Jerusalem schools have ties to Webster.
COLUMN: So I've Heard
Christmastide is upon us, so it seems appropriate to mention folks involved with the development of Catholic schools in Jerusalem, where Jesus was brought up as a child.
They're aligned with a religious group, the Equestrian Order of the Knights and Ladies of the Holy Sepulchre of Jerusalem. Its history traces to the early church.
Joseph A. Borski Jr., the CPA, a former School Committee and Housing Authority member in Webster and current town moderator, is one of them.
So is Father Michael Roy, the pastor of Sacred Heart of Jesus Church in Webster; John J. McNally Jr., the one-time White House Assistant to President John F. Kennedy; Ms. Joan Comeau, a retired elementary principal in Oxford; and Msgr. James P. Moroney, once affiliated with Sacred Heart parish in Webster and now rector of St. Paul's Cathedral in Worcester. "I had the honor of nominating Msgr. Moroney for membership in 2005," says Mr. Borski. Mr. McNally was reportedly invested in the world order after his late wife, Irene (Kokocinski) McNally became a Lady in the Order. The couple lived in South Carolina at the time.
I'm out of my element here, but the current emphasis by the Equestrian Order of the Knights and Ladies of the Holy Sepulchre of Jerusalem is to develop schools in the Holy Land, according to Sir Borski, a Knight Commander with Star. Three-quarters of the Catholic schools in Jerusalem and vicinity are financed by the Knights and Ladies, says Mr. Borski. The world group also plays a financial role in promoting the University of Bethlehem.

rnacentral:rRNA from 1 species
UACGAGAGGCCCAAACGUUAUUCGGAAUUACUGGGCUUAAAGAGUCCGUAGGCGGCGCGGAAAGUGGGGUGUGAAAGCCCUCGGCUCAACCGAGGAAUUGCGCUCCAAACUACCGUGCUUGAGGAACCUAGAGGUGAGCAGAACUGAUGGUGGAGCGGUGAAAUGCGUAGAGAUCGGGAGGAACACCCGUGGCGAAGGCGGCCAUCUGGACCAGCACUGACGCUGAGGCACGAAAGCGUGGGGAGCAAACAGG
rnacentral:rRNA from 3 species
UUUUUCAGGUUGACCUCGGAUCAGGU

The office of Grand Master, once vested in the papacy, is held now by Pennsylvania native John P. Cardinal Foley, appointed head of the world order June 29, 2007, by Pope Benedict. Cardinal Foley is known for his narrations of the Christmas Eve Mass from the Vatican for many years, says Mr. Borski.
Nationally, Sean Patrick O'Malley, archbishop of Boston, is Grand Prior of the Equestrian Order of the Holy Sepulchre of Jerusalem. Mr. Borski, appears to be the leading officer in our region.
This isn't to rank religions of any kind or order, but to recognize people associated with the Holy Sepulchre of Jerusalem for efforts that give them a Christmas-like aura through the maintenance of schools in Jerusalem.
It seems that someone with South County roots is going to check on doings in their home town at this time of the year, generally while searching for a friend or relative.
The telephone call the other evening was from David C. Cragen, with 13 away-from-Webster years at a couple of locations in Florida. There's a network that circulates So I've Heard down there, and Dave's in on it, right after pharmacist Bill Dugan in the relay.
All's well with Mr. Cragen and his wife, the former Mary Daskowski, who, I was reminded, was the late Robert "Dapper" Daskowski's kid sister. We started our school day in educator George H. Finnegan's chemistry class as juniors at Bartlett High School, and it was there that an excited Dapper told one and all that his family had welcomed a beautiful baby girl the evening before.
There was general applause, and Mr. Finnegan shook Dapper's hand. Dave was searching for the whereabouts of a cousin who left Dudley a few years ago.